Lost luggage backs up at airports after winter storm

Published On: Jan 08 2014 11:04:36 AM EST   Updated On: Jan 08 2014 06:55:50 PM EST

After the massive flight cancellations and delays caused by the polar vortex, some passengers are finally reaching their destinations after days of travel trouble. But all too many of them are finding their luggage did not make the trip.


The brutally cold temperatures this week have crippled airports across the country, and even though some passengers are finally reaching their final destination, they're learning their luggage did not.

Two courier companies are contracted with Jacksonville International Airport to deliver delayed baggage to fliers' doorsteps or hotels. But the owner of one company say it may be months before a sense of normalcy is returned to airports across the country.

Delayed luggage from Rhode Island to Florida lined the walls at Jacksonville International Airport on Wednesday, separated from its owners during the height of the most recent winter storm.

"I just keep mine next to me so I don't lose it," said traveler Leanne Bryan, whose flight was canceled. "I don't even check mine anymore."

Others who chose to travel with their luggage on the plane are now realizing the complexity created by a polar vortex.

"It will be a couple of months before what I would say it gets back to normalcy around here," said David Hill, of Airko Freight Systems.

Hill's courier company is only one of two contracted by JIA to deliver lost baggage. He advises never to pack anything that you can't live without for 48 hours, adding that there's a chance that you may never see it again.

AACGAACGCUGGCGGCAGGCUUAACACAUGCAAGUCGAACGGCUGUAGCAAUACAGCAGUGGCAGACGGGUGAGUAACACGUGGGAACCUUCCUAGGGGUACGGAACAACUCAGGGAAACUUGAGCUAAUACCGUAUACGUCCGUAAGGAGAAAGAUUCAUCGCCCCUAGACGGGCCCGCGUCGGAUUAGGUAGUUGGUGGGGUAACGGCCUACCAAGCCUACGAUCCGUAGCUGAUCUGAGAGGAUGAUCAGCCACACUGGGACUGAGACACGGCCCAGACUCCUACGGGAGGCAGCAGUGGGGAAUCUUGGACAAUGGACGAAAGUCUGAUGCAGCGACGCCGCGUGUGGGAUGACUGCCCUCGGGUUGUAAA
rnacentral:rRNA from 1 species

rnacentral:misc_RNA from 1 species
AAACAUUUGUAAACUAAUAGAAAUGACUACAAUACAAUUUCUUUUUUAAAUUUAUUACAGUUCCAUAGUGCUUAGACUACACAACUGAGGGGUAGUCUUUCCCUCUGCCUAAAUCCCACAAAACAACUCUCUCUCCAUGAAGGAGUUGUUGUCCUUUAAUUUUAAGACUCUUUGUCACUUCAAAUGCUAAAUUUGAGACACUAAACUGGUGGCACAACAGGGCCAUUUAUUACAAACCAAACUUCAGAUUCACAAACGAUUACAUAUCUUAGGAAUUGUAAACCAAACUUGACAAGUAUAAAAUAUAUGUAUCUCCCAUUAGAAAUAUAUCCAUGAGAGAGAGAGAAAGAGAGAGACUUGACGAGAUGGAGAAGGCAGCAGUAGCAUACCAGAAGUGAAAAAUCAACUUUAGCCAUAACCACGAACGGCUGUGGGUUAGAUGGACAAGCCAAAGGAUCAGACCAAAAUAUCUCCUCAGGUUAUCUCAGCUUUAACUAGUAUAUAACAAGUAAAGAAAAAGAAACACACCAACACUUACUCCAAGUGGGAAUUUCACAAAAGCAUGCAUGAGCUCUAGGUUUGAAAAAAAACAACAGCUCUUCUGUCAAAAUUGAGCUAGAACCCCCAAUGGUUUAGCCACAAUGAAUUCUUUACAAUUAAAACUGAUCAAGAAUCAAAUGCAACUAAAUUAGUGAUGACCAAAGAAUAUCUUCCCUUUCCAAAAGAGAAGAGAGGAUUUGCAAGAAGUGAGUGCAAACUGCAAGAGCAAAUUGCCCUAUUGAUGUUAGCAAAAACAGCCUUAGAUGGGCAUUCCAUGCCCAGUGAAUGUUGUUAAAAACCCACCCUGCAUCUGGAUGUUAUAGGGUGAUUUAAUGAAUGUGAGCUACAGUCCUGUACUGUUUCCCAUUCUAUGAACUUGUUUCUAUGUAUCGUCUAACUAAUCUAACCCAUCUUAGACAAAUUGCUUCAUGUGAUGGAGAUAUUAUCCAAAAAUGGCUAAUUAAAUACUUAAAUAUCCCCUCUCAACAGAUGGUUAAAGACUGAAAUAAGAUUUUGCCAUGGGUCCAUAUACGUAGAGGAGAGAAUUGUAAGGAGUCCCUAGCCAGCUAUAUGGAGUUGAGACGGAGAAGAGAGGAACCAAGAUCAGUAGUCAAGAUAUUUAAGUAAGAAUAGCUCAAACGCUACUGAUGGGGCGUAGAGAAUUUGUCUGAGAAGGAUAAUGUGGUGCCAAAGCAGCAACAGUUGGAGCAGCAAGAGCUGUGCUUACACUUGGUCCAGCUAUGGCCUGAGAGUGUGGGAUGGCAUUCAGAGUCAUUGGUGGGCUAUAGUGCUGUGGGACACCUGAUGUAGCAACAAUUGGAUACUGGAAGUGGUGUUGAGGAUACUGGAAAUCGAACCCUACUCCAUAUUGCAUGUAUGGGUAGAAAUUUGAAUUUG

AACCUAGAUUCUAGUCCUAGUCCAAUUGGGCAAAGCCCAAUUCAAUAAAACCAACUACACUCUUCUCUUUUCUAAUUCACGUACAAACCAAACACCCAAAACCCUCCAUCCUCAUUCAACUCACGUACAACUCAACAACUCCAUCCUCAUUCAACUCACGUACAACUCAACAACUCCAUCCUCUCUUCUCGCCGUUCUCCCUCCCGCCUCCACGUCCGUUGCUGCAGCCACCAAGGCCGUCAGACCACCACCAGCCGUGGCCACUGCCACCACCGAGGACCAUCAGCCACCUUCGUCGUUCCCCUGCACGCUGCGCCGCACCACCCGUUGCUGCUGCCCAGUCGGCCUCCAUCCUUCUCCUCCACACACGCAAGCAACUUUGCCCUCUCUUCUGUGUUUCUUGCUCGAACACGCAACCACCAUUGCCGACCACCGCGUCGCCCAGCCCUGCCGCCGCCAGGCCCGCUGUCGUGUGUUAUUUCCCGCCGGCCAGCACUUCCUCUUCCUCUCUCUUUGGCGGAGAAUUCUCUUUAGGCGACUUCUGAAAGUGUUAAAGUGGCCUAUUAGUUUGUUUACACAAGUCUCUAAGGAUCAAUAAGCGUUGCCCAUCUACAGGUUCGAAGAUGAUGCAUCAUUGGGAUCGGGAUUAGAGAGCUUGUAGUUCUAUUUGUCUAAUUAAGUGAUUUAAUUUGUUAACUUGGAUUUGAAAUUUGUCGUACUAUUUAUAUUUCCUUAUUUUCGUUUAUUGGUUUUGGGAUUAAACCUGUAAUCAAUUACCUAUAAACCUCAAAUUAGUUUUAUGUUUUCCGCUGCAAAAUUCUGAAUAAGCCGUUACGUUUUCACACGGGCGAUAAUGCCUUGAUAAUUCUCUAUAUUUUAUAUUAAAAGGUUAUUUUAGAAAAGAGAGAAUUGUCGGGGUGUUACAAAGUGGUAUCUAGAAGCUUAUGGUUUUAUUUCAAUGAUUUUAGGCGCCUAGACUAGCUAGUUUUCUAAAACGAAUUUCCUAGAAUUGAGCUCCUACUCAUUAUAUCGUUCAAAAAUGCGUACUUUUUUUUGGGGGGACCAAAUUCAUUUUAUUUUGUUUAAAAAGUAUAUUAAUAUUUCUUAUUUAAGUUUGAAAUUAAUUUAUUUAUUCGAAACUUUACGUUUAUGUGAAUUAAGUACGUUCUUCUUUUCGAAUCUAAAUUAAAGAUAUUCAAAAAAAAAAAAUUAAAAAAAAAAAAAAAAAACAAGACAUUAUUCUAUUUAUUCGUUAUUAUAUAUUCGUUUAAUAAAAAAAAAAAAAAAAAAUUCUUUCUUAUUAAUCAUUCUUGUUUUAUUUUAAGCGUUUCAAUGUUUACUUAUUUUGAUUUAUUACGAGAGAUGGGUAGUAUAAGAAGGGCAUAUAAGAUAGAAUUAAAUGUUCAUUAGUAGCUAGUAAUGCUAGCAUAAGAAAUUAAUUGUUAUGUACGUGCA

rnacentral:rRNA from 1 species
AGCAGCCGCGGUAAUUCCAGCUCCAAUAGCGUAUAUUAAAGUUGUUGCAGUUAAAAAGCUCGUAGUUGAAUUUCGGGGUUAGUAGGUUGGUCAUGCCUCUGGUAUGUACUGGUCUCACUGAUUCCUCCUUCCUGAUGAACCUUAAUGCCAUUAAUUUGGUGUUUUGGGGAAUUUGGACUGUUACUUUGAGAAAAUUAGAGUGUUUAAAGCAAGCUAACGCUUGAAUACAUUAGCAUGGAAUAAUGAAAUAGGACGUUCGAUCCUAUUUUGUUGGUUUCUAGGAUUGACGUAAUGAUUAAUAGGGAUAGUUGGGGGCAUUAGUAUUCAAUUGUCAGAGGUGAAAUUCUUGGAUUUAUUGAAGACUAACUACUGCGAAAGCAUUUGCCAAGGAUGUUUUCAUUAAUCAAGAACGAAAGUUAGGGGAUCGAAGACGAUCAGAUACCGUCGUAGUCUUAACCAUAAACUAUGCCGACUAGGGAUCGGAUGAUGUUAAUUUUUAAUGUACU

"There are rare situations where they don't find their luggage, but 98 percent of the time, they do find their luggage," Hill said. "It may take a couple of days to get here."

"The complexity of the system is more than just the aircraft itself," said Michael Stewart, of JIA. "If the weather was just ideal, you still have mechanical problems, flight crew, other issues."

Airport officials say major airlines are compensating passengers for their inconvenience, providing them with toiletries or T-shirts. But passengers have to ask.

Most bags displaced during the storm were lost in layovers or when a passengers' flights was canceled. Rather than pay baggage fees again for rebooking on another airline, many of the passengers opted to travel without their luggage.

"This is going to take several days because people are getting put on flights that were already full," Stewart said. "So all of this is going to take some time."

A period of time that could continue to grow if winter weather hits again.


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